The Summer Research project provides an opportunity for a senior undergraduate student to gain a background in geotechnical dam engineering within the long-term Quake Centre earth dam research project.  The successful student will gain an appreciation of current issues and challenges facing the geotechnical dam industry both locally and internationally. 

Specifically, the project will involve an assessment of the geotechnical characteristics of some of New Zealand's large hydropower assets.  Research components may include the following:

1)            Sort and interpret geotechnical construction and investigation records for one or more large New Zealand hydropower dams.

2)            Undertake geotechnical characterization of dam soils sampled from one or more large New Zealand dams.  There may be a chance to be                     involved in materials sampling.

3)            Conduct laboratory testing to help assess the performance of soils in New Zealand dams, with reference to international research findings.                 Laboratory work may include:

a. Testing of New Zealand soils for erosion or cracking potential in dam applications

b. Development of methodologies to address unique issues encountered in New Zealand dam engineering practice

The nature and extent of laboratory testing will be discussed with the successful student.  There may be potential to explore additional or alternative geotechnical tests.

The project will provide an opportunity for students to gain experience in an industry-based research environment.  It is expected that the outcomes from the summer project/s will inform further research in the field of geotechnical dam engineering in New Zealand.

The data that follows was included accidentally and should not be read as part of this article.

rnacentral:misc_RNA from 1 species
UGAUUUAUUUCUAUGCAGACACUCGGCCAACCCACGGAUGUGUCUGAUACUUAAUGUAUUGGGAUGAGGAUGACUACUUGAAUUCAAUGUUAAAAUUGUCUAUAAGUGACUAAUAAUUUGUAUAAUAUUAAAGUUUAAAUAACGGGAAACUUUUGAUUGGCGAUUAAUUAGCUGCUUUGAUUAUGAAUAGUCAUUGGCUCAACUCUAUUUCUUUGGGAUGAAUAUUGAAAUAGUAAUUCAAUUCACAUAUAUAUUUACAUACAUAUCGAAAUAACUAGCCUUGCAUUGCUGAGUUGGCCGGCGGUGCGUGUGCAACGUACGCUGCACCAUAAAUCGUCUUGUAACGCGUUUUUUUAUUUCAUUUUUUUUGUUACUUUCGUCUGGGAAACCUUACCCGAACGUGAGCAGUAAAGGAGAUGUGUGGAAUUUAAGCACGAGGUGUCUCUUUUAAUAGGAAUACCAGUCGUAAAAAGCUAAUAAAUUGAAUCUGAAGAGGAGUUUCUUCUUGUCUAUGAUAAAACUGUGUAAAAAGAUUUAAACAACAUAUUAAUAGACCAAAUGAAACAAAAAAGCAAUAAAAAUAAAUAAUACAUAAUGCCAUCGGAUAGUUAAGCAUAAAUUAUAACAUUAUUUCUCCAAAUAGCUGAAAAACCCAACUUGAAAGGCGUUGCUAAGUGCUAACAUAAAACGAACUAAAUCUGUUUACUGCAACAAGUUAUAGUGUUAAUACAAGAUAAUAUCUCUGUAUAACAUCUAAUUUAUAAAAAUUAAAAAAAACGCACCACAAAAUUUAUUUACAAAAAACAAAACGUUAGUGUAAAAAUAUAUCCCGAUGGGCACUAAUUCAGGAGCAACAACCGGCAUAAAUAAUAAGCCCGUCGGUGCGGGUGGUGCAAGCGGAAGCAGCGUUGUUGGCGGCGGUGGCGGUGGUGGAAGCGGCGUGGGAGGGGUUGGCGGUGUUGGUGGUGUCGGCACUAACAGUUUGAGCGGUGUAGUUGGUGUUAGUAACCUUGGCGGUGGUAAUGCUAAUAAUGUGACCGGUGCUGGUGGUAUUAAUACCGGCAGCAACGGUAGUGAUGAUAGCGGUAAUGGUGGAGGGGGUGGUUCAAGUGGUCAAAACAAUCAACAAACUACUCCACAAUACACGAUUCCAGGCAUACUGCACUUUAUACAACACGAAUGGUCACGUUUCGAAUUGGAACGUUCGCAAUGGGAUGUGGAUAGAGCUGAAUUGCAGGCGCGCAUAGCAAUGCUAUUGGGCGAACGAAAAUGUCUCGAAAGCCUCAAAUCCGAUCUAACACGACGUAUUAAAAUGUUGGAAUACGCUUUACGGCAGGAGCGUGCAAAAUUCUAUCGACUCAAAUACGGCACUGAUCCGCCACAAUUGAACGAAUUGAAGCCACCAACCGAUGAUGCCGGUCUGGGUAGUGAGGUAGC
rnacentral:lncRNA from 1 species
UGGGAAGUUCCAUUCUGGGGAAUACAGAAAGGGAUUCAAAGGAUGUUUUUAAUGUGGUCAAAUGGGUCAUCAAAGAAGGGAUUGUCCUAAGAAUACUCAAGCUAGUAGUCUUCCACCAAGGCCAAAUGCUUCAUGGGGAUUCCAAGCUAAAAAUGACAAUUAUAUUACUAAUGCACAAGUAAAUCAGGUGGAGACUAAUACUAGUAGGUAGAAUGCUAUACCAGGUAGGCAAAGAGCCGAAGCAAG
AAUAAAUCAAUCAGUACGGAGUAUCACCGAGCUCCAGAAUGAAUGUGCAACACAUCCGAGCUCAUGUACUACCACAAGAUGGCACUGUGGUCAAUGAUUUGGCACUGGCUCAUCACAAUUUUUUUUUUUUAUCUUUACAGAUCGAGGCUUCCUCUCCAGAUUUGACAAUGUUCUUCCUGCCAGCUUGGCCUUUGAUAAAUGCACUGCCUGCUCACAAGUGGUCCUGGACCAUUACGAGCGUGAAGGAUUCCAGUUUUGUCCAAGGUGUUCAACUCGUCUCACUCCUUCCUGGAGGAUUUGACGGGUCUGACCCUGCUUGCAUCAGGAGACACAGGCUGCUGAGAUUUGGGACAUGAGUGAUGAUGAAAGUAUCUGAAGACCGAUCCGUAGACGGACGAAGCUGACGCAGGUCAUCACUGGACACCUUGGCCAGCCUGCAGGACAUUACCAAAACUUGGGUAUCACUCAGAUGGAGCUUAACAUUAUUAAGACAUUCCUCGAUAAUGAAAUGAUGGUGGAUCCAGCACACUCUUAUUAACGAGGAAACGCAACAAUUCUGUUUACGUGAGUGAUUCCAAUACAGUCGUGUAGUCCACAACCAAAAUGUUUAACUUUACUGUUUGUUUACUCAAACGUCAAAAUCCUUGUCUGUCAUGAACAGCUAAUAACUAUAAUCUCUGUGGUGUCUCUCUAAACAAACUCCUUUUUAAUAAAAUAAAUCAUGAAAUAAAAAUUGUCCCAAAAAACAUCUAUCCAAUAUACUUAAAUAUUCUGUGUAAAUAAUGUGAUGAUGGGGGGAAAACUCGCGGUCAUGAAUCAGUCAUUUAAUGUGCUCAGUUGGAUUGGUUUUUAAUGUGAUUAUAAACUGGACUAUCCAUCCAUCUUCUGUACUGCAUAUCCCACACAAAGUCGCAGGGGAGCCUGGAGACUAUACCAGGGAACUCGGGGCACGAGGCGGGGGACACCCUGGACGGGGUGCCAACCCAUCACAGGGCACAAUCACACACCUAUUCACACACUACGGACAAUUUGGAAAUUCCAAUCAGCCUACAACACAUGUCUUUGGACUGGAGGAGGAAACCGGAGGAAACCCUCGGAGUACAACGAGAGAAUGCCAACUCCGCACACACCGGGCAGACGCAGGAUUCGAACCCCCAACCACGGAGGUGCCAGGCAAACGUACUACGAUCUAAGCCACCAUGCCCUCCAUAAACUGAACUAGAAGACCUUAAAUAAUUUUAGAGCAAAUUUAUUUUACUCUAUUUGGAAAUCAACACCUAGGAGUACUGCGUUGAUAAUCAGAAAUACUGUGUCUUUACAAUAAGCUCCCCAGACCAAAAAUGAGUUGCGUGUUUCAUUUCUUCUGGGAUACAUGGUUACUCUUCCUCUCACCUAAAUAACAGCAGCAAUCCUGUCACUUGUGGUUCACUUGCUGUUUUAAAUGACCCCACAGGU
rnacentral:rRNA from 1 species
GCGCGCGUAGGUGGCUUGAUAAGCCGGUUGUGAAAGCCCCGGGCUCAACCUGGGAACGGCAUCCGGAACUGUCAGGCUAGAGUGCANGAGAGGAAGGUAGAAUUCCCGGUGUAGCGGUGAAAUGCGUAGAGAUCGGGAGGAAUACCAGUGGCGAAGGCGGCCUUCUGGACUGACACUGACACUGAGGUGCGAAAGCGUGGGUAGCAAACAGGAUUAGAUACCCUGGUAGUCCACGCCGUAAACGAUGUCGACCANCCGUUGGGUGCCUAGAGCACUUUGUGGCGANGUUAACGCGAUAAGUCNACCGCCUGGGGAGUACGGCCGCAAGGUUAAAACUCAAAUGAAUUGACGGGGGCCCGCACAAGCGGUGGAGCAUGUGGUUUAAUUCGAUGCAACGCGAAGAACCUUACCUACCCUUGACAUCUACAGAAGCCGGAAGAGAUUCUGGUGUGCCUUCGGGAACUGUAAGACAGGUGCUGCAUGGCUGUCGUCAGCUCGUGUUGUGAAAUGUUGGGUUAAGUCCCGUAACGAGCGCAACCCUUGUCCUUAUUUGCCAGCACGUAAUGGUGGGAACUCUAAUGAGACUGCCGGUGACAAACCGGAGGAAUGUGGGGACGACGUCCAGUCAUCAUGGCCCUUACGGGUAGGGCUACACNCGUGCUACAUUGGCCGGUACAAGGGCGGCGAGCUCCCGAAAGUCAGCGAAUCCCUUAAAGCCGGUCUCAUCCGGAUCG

Specific Requirements: (preferred) Geotechnical engineering courses: ENCN253, ENCN353 or equivalent, OR relevant experience.

Good communication skills. Responsible, Able to work independently.

 

 

Project Number: 2019-15

Project Leader: Markus Pahlow and Tom Cochrane

Host Department: Civil and Natural Resources Engineering

Project Title: Using aerial multispectral imagery and high precision topography to identify nutrient runoff pathways

Project outline: The loss of nutrients from agricultural lands contributes to land degradation, low productivity, and poor waterway health.  One of our greatest challenges has been to determine the pathways nutrients take to reach waterways.  Identifying overland nutrient pathways in agricultural fields will allow for improved land management by implementing efficient low-cost measures to intercept or capture nutrient flows.   Research is thus need to identify these pathways over time and space. 

This project will determine the feasibility of using an advanced aerial platform (drone) mounted with high tech multispectral sensors and Lidar technology to identify nutrient flow pathways in agricultural land.  Multispectral imagery and Lidar from selected agricultural fields around Canterbury will be captured and analysed to identify signatures for nutrient pathways under various field conditions.   Field work to verify aerial monitoring will be required.  Factors affecting accuracy in determining pathways, such as soil moisture, cover, topography, and others will be examined.   This research is exploratory in nature and can lead to future postgraduate research.

Specific Requirements: The student (engineering or science) working on this project will be required to have experience with GIS, data analyses, and programming.  Field work will be required (driver’s license necessary).  An enthusiasm for flying drones, doing digital surveying, and troubleshooting sensors and high technology is expected.

 

 

Project Number: 2019-17

Project Leader: Frances Charters

Host Department: Civil and Natural Resources Engineering